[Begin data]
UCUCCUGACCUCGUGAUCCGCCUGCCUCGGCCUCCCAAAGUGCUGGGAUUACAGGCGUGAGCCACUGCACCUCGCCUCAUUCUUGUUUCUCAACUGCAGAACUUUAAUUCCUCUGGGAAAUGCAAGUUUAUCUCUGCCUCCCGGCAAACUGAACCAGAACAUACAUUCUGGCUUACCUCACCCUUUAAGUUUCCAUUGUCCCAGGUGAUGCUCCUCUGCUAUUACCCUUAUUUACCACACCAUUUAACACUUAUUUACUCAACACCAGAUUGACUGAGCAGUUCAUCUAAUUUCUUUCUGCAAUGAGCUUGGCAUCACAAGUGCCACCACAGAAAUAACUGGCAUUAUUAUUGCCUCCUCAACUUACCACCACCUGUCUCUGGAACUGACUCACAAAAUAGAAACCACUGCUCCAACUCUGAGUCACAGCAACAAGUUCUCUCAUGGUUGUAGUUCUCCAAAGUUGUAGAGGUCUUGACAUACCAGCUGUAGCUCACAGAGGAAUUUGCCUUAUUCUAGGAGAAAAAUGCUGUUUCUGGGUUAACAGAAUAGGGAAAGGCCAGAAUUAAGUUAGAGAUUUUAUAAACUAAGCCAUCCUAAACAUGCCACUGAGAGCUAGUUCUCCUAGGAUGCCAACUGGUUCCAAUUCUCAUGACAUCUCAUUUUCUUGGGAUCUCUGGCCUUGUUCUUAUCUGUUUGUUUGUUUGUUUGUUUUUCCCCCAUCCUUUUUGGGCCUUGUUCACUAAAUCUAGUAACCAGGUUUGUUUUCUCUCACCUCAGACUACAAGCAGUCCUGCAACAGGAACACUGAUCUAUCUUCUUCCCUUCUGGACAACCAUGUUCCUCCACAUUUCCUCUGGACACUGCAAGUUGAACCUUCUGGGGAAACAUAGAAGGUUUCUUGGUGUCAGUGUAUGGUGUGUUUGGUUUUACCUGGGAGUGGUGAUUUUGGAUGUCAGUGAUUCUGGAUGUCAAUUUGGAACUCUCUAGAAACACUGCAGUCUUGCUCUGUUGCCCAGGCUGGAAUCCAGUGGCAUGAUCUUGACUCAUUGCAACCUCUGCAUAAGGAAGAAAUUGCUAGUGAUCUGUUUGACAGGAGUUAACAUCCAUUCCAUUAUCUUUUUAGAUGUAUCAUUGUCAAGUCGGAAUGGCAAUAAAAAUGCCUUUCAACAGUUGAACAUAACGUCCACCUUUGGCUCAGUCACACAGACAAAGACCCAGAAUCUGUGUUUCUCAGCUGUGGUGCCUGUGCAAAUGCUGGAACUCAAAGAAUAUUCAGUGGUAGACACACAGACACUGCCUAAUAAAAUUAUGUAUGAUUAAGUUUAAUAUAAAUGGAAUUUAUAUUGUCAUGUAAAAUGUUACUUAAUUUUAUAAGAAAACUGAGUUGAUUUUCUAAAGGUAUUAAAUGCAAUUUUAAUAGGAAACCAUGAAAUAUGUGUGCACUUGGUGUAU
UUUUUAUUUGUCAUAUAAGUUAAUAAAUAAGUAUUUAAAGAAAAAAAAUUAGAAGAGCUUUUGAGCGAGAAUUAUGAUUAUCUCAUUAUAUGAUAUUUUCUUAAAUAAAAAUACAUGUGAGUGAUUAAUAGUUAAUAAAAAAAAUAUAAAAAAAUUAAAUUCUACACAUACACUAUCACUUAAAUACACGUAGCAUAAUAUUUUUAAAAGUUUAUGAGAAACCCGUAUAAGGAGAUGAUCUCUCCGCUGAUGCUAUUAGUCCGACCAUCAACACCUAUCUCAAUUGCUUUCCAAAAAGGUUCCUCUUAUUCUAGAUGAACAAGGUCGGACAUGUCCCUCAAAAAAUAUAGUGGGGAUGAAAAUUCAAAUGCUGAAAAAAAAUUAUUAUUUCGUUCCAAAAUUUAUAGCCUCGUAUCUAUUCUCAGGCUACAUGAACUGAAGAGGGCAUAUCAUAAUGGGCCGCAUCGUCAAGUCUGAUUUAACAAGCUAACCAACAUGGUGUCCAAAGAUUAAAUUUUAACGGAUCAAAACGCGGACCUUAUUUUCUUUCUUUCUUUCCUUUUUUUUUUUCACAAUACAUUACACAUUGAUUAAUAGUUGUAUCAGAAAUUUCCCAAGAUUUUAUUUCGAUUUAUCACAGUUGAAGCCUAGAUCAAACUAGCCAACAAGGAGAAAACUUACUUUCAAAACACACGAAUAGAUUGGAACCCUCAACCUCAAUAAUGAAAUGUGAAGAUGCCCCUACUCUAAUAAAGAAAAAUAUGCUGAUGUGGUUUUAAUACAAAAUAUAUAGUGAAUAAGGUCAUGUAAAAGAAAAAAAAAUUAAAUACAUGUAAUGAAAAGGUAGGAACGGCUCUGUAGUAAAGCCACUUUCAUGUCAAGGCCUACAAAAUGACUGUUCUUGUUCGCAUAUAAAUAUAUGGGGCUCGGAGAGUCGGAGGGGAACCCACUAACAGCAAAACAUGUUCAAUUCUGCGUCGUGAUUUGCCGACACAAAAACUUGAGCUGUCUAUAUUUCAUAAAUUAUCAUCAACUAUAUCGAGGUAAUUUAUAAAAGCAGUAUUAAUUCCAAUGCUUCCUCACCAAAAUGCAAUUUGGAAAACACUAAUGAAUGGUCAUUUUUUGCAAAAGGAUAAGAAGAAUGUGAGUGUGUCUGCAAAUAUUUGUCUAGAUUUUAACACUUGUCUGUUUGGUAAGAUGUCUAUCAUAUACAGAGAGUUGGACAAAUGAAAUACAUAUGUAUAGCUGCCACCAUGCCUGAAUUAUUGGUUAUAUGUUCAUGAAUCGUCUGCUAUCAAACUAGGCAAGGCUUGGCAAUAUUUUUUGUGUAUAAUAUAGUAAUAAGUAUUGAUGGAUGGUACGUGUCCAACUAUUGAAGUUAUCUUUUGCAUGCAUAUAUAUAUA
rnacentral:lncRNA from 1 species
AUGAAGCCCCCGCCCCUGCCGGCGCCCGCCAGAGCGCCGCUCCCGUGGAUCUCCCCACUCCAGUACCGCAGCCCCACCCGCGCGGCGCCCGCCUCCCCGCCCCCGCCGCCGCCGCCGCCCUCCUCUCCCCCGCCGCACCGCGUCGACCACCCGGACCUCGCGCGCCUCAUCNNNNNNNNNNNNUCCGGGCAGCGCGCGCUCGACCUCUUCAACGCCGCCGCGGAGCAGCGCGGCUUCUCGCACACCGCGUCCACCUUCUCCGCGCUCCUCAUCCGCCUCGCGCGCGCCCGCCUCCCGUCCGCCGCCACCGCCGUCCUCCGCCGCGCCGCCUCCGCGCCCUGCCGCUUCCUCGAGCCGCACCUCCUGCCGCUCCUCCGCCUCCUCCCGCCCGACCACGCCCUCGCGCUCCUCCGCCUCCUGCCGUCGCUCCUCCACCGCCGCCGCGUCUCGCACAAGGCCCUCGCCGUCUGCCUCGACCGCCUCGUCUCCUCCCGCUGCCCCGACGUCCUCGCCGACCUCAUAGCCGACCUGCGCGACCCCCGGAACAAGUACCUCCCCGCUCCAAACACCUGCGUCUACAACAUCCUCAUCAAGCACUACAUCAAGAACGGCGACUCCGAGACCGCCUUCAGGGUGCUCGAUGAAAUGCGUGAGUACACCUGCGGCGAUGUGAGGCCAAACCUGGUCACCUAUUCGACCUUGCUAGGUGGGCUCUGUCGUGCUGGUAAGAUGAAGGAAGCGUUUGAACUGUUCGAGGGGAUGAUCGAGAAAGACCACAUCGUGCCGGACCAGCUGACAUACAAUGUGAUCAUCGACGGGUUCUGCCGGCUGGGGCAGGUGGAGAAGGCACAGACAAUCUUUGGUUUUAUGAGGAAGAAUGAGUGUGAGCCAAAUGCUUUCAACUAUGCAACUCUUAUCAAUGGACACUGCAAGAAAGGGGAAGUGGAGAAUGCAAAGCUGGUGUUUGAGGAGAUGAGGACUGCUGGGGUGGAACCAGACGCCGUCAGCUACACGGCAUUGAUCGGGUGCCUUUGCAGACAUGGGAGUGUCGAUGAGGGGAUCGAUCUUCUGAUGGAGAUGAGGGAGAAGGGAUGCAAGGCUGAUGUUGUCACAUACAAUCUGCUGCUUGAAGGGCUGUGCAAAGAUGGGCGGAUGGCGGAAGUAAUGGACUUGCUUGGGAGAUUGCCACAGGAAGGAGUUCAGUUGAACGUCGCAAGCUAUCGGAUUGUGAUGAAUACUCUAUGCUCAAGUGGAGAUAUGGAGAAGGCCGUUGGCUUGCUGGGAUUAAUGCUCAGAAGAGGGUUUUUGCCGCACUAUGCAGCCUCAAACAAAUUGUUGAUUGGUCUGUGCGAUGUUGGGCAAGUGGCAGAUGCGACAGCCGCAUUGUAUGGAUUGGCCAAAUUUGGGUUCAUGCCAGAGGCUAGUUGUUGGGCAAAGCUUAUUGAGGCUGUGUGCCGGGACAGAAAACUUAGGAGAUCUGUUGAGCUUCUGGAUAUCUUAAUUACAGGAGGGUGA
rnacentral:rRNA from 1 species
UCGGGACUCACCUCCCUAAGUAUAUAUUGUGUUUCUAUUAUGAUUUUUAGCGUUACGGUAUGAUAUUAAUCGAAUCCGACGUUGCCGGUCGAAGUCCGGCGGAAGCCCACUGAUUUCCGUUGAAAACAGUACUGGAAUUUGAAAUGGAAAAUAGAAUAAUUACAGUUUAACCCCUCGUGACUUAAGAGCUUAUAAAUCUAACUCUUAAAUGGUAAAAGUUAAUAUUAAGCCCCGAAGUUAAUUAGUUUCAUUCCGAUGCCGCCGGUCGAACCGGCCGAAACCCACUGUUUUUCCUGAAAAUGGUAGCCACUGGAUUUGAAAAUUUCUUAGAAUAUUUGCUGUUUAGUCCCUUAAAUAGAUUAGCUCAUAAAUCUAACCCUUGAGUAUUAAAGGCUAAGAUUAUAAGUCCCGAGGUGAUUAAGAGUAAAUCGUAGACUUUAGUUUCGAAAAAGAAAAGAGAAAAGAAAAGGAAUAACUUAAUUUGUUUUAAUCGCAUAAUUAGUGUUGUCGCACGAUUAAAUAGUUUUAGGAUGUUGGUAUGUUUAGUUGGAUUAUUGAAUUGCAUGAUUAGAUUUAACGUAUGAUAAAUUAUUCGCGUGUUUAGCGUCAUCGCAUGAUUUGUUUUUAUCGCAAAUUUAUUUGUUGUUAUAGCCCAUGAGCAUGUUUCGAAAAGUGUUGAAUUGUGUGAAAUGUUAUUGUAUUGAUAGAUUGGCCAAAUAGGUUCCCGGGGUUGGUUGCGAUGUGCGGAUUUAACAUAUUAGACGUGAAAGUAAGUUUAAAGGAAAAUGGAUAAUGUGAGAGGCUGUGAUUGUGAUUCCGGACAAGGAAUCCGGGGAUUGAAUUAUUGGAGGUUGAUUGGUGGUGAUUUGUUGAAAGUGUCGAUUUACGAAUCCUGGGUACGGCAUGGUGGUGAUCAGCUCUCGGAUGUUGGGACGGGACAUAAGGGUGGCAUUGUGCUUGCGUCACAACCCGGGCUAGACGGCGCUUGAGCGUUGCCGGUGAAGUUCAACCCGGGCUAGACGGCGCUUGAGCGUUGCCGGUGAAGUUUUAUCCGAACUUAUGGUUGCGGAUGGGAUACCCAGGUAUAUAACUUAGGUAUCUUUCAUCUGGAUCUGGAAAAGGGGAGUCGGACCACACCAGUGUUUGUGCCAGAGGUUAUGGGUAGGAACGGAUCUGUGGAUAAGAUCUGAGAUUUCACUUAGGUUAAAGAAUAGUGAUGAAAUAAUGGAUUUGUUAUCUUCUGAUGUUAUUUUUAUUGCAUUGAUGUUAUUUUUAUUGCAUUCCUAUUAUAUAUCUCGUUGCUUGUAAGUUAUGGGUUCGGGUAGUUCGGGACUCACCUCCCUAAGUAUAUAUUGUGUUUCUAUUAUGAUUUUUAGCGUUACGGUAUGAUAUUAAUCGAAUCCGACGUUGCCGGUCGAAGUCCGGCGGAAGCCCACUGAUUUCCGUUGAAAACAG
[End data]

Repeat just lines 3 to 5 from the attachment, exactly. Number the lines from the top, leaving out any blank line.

rnacentral:lncRNA from 1 species
AUGAAGCCCCCGCCCCUGCCGGCGCCCGCCAGAGCGCCGCUCCCGUGGAUCUCCCCACUCCAGUACCGCAGCCCCACCCGCGCGGCGCCCGCCUCCCCGCCCCCGCCGCCGCCGCCGCCCUCCUCUCCCCCGCCGCACCGCGUCGACCACCCGGACCUCGCGCGCCUCAUCNNNNNNNNNNNNUCCGGGCAGCGCGCGCUCGACCUCUUCAACGCCGCCGCGGAGCAGCGCGGCUUCUCGCACACCGCGUCCACCUUCUCCGCGCUCCUCAUCCGCCUCGCGCGCGCCCGCCUCCCGUCCGCCGCCACCGCCGUCCUCCGCCGCGCCGCCUCCGCGCCCUGCCGCUUCCUCGAGCCGCACCUCCUGCCGCUCCUCCGCCUCCUCCCGCCCGACCACGCCCUCGCGCUCCUCCGCCUCCUGCCGUCGCUCCUCCACCGCCGCCGCGUCUCGCACAAGGCCCUCGCCGUCUGCCUCGACCGCCUCGUCUCCUCCCGCUGCCCCGACGUCCUCGCCGACCUCAUAGCCGACCUGCGCGACCCCCGGAACAAGUACCUCCCCGCUCCAAACACCUGCGUCUACAACAUCCUCAUCAAGCACUACAUCAAGAACGGCGACUCCGAGACCGCCUUCAGGGUGCUCGAUGAAAUGCGUGAGUACACCUGCGGCGAUGUGAGGCCAAACCUGGUCACCUAUUCGACCUUGCUAGGUGGGCUCUGUCGUGCUGGUAAGAUGAAGGAAGCGUUUGAACUGUUCGAGGGGAUGAUCGAGAAAGACCACAUCGUGCCGGACCAGCUGACAUACAAUGUGAUCAUCGACGGGUUCUGCCGGCUGGGGCAGGUGGAGAAGGCACAGACAAUCUUUGGUUUUAUGAGGAAGAAUGAGUGUGAGCCAAAUGCUUUCAACUAUGCAACUCUUAUCAAUGGACACUGCAAGAAAGGGGAAGUGGAGAAUGCAAAGCUGGUGUUUGAGGAGAUGAGGACUGCUGGGGUGGAACCAGACGCCGUCAGCUACACGGCAUUGAUCGGGUGCCUUUGCAGACAUGGGAGUGUCGAUGAGGGGAUCGAUCUUCUGAUGGAGAUGAGGGAGAAGGGAUGCAAGGCUGAUGUUGUCACAUACAAUCUGCUGCUUGAAGGGCUGUGCAAAGAUGGGCGGAUGGCGGAAGUAAUGGACUUGCUUGGGAGAUUGCCACAGGAAGGAGUUCAGUUGAACGUCGCAAGCUAUCGGAUUGUGAUGAAUACUCUAUGCUCAAGUGGAGAUAUGGAGAAGGCCGUUGGCUUGCUGGGAUUAAUGCUCAGAAGAGGGUUUUUGCCGCACUAUGCAGCCUCAAACAAAUUGUUGAUUGGUCUGUGCGAUGUUGGGCAAGUGGCAGAUGCGACAGCCGCAUUGUAUGGAUUGGCCAAAUUUGGGUUCAUGCCAGAGGCUAGUUGUUGGGCAAAGCUUAUUGAGGCUGUGUGCCGGGACAGAAAACUUAGGAGAUCUGUUGAGCUUCUGGAUAUCUUAAUUACAGGAGGGUGA
rnacentral:rRNA from 1 species